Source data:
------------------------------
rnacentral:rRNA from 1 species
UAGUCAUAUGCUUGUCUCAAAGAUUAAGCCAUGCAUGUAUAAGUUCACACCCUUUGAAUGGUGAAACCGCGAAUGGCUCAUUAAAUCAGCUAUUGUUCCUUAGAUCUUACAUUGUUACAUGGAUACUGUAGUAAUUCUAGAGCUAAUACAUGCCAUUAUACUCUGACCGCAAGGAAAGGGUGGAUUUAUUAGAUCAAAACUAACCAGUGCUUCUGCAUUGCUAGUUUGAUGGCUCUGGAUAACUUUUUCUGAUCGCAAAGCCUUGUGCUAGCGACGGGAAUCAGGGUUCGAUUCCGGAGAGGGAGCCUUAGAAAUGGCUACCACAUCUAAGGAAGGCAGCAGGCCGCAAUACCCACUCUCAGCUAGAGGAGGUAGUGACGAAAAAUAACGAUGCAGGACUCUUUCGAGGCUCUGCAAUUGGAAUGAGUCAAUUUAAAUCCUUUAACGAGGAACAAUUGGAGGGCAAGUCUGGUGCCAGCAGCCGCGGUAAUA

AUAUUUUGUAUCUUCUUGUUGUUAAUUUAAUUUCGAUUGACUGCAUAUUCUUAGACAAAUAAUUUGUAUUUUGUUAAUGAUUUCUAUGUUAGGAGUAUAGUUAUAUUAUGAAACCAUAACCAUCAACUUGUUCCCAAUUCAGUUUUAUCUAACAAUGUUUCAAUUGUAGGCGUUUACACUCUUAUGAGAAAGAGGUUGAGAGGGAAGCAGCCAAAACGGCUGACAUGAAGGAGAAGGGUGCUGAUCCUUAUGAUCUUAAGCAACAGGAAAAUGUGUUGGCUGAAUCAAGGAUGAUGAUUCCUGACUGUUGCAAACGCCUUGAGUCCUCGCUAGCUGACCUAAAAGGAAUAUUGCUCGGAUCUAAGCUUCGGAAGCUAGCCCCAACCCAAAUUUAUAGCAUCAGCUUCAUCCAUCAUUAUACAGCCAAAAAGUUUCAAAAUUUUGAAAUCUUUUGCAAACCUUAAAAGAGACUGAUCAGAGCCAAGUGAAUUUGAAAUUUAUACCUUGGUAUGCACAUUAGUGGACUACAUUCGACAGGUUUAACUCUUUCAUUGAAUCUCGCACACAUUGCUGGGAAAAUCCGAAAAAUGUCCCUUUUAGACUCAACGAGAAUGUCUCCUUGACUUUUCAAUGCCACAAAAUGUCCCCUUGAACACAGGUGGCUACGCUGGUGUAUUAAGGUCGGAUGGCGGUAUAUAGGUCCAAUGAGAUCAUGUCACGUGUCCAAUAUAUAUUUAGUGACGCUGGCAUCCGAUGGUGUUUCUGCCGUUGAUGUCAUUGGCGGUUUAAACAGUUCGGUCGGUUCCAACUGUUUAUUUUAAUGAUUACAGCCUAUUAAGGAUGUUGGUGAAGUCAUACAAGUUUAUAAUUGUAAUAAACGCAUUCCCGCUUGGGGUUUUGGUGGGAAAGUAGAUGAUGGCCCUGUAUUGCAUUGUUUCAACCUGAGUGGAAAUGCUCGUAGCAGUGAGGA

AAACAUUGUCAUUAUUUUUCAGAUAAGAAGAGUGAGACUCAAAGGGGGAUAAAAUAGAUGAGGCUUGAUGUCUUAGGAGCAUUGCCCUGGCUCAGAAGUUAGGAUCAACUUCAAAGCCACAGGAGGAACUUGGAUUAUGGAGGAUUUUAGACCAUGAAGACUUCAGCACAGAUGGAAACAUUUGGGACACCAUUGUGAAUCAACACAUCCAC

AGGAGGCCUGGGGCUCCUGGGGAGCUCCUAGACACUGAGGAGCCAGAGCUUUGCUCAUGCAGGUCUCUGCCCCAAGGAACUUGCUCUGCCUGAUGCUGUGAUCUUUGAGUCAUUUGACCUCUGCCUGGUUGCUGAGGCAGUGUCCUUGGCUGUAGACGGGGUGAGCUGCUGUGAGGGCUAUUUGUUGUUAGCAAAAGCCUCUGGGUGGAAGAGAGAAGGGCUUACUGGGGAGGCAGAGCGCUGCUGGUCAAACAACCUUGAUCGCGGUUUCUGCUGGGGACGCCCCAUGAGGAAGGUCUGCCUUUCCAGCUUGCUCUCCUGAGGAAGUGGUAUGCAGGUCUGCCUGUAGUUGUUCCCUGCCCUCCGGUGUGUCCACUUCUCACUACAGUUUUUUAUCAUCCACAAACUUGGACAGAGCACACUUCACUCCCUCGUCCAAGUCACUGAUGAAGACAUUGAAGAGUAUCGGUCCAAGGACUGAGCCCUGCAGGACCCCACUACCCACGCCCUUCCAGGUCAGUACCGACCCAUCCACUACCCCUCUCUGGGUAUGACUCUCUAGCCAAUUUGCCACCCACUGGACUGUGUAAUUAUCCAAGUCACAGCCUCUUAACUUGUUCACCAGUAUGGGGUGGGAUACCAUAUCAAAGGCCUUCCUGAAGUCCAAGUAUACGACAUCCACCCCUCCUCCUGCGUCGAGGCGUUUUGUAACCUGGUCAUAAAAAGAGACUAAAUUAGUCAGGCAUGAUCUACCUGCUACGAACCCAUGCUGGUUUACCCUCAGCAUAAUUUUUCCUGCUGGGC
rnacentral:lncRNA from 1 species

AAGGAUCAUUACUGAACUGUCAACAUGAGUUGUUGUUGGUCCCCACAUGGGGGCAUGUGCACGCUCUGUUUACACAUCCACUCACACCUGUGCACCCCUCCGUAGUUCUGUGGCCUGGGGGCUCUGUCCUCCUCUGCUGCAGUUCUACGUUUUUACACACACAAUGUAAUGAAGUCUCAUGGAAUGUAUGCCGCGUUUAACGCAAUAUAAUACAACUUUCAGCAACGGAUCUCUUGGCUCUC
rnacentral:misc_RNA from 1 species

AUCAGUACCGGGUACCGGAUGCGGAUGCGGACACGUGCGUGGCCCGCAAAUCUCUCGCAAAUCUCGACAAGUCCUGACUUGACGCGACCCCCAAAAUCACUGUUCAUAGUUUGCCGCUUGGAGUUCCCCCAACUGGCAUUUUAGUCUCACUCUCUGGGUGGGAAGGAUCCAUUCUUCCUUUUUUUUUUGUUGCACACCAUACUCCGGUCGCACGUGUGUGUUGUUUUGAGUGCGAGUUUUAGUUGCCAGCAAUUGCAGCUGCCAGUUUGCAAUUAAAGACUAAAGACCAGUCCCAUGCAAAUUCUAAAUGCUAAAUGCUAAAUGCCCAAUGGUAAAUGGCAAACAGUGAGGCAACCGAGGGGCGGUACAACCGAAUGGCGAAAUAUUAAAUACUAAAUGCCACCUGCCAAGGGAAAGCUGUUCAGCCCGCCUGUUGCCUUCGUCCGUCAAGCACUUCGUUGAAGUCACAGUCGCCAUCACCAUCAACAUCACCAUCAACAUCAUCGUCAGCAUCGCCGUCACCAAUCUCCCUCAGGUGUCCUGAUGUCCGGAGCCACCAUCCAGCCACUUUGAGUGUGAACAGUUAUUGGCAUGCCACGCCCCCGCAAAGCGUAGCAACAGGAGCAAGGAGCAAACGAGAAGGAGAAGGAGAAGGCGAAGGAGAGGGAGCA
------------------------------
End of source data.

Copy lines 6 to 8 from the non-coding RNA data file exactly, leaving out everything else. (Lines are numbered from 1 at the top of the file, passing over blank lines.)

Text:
rnacentral:lncRNA from 1 species

AAGGAUCAUUACUGAACUGUCAACAUGAGUUGUUGUUGGUCCCCACAUGGGGGCAUGUGCACGCUCUGUUUACACAUCCACUCACACCUGUGCACCCCUCCGUAGUUCUGUGGCCUGGGGGCUCUGUCCUCCUCUGCUGCAGUUCUACGUUUUUACACACACAAUGUAAUGAAGUCUCAUGGAAUGUAUGCCGCGUUUAACGCAAUAUAAUACAACUUUCAGCAACGGAUCUCUUGGCUCUC
rnacentral:misc_RNA from 1 species